Three Supermen in Santo Domingo (1986)
Film review #551
Director: Italo Martinenghi
SYNOPSIS: FBI agent Brad Scott is once again required to team up with the international thieves known as “The Supermen,” this time they travel to Santo Domingo in South America to disrupt a money counterfeiting operation by some local crime gangs.
THOUGHTS/ANALYSIS: Three Supermen in Santo Domingo is a 1986 film and the final instalment in the Three Supermen series of films. The plot is fairly typical and familiar to those who have watched any of the other films: an FBI agent has to team up with the international thieves known as “The Supermen,” this time travelling to Santo Domingo to stop a counterfeiting operation run by a local gang. There’s no time travelling or outlandish elements in this film; it’s just a simple crimefighting, slapstick bit of fun, although obviously the supermen still have their bulletproof suits, that villains never quite work out that they could just shoot them in their uncovered heads. There’s a variety of action scenes (which consist of a fair amount of speeding up and reversing footage instead of actual stunts), and setups involving disguises, and elaborate plans, but nothing too exciting.
As always, the film revolves around the three supermen, and once again, they are played by different actors; all with the exception of one, Sal Borgese, who has been playing the mute superman since the second film (in the ones which you could consider “canon” anyway). The names of the characters also change quite a lot, and this time it seems like they’ve just resorted to calling Sal’s character Sal. The other two actors change every film, and this time the change is quite apparent, as they are obviously a lot younger than Sal. One of them is Stefano Martinenghi, who is the son of the director, and clearly only got the role because of this: he doesn’t really fit the role of the charming, cheeky lead. The actor playing the role of FBI agent Brad Scott also doesn’t really work because he seems way too young, and typically the role goes to someone who is older and more straight-laced, to balance with the supermen’s goofiness. There are glimmers of that personality, but not much. The rest of the cast aren’t really worth mentioning, as the villains don’t really stand out, and the supporting cast barely exist on screen.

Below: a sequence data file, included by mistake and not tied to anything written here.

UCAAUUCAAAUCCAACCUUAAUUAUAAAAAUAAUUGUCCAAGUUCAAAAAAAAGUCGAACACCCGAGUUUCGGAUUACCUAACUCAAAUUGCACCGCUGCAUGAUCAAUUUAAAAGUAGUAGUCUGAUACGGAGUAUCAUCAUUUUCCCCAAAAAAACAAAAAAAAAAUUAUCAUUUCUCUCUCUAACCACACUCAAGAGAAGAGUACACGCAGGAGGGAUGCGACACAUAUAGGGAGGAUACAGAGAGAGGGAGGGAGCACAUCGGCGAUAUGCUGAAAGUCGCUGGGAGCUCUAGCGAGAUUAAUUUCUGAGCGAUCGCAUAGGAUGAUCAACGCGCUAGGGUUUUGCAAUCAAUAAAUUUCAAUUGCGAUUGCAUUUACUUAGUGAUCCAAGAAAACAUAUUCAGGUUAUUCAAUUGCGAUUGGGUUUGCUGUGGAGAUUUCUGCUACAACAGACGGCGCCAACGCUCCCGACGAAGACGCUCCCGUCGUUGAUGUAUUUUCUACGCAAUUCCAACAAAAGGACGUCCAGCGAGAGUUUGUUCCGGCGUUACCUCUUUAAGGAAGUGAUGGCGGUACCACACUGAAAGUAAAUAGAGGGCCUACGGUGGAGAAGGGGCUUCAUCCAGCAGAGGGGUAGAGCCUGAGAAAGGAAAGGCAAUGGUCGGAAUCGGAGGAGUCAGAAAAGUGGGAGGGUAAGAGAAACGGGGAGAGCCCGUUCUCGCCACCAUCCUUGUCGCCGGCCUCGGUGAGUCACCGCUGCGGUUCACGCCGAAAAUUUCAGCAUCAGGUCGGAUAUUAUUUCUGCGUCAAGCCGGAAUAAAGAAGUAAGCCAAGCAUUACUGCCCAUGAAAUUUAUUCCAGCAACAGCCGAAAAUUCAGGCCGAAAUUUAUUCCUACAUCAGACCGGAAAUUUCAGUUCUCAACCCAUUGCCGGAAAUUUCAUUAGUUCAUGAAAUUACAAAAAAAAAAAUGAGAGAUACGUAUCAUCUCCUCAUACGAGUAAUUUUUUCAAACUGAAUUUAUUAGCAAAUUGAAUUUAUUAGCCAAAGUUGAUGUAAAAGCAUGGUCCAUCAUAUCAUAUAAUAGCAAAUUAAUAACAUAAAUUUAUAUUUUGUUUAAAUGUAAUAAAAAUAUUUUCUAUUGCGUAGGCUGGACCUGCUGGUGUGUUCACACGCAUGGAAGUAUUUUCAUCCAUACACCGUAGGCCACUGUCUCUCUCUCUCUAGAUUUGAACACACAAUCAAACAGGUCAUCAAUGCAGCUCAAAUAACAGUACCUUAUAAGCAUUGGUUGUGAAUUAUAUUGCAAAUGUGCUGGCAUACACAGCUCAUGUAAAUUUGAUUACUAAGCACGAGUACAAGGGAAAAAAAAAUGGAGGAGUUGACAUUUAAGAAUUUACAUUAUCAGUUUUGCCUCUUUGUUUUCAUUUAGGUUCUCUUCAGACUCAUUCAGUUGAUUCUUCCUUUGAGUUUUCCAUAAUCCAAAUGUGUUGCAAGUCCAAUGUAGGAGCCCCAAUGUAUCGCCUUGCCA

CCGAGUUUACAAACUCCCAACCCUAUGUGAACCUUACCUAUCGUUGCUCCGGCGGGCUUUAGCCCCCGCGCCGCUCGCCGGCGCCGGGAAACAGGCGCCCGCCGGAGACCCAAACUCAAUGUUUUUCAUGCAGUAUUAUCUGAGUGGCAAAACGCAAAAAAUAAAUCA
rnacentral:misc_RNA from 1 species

It’s perhaps worth mentioning at this point that this film series has been going on for nearly twenty years at the time this film was made; and there is no reason for it to have done so. The original was a cheap b-movie that spoofed sci-fi and spy films that were popular in 1967, but had a somewhat interesting twist by having professional acrobats play the lead roles, which led to some fun action scenes and well-choregraphed fights. The first film, while nothing more than a typical b-movie, did everything it really needed to, but for some reason it became a series that went on to satirise other types of films, such as Westerns, cold war plots, martial arts films, and even got a Turkish rip-off version…which further still, somewhat fused with the Turkish rip-off scene when production of the films moved to Turkey. The whole production of this series is all over the place, but I suppose credit should be given to the films somewhat adapting to changing to cultural trends. Three Supermen in Santo Domingo doesn’t really offer anything special in this regard though, and while it keeps things simple, it definitely feels like a format that is well past its sell-by date in 1986, and since this is the final film in the series, the makers probably knew this too. Definitely deserves credit for going for twenty years, but its last hurrah is uneventful.
Three Supermen Against the Godfather (1979)
Film review #549
Director: Italo Martinenghi